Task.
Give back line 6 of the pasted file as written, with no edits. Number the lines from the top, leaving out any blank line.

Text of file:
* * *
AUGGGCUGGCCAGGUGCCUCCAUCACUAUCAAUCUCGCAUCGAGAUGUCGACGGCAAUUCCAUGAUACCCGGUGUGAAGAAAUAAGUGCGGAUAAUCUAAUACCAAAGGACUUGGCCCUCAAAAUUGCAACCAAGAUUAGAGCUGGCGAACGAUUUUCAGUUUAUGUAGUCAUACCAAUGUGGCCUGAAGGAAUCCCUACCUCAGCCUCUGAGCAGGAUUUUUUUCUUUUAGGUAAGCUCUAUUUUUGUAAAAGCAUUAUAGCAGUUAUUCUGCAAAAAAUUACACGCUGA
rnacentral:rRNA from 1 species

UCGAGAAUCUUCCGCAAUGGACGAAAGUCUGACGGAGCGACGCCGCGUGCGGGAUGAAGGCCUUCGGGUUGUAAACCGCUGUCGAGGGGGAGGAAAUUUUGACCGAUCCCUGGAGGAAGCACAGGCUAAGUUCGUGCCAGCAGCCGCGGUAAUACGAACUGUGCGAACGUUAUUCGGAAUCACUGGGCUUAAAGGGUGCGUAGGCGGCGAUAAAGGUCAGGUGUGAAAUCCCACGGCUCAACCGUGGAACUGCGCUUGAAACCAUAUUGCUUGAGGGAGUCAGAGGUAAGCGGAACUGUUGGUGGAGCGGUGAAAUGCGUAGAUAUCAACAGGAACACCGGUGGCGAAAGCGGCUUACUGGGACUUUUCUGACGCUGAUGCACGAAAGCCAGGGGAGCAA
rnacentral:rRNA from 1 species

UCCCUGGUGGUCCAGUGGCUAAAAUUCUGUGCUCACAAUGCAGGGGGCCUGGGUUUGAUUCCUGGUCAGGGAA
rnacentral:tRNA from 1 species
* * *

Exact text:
rnacentral:tRNA from 1 species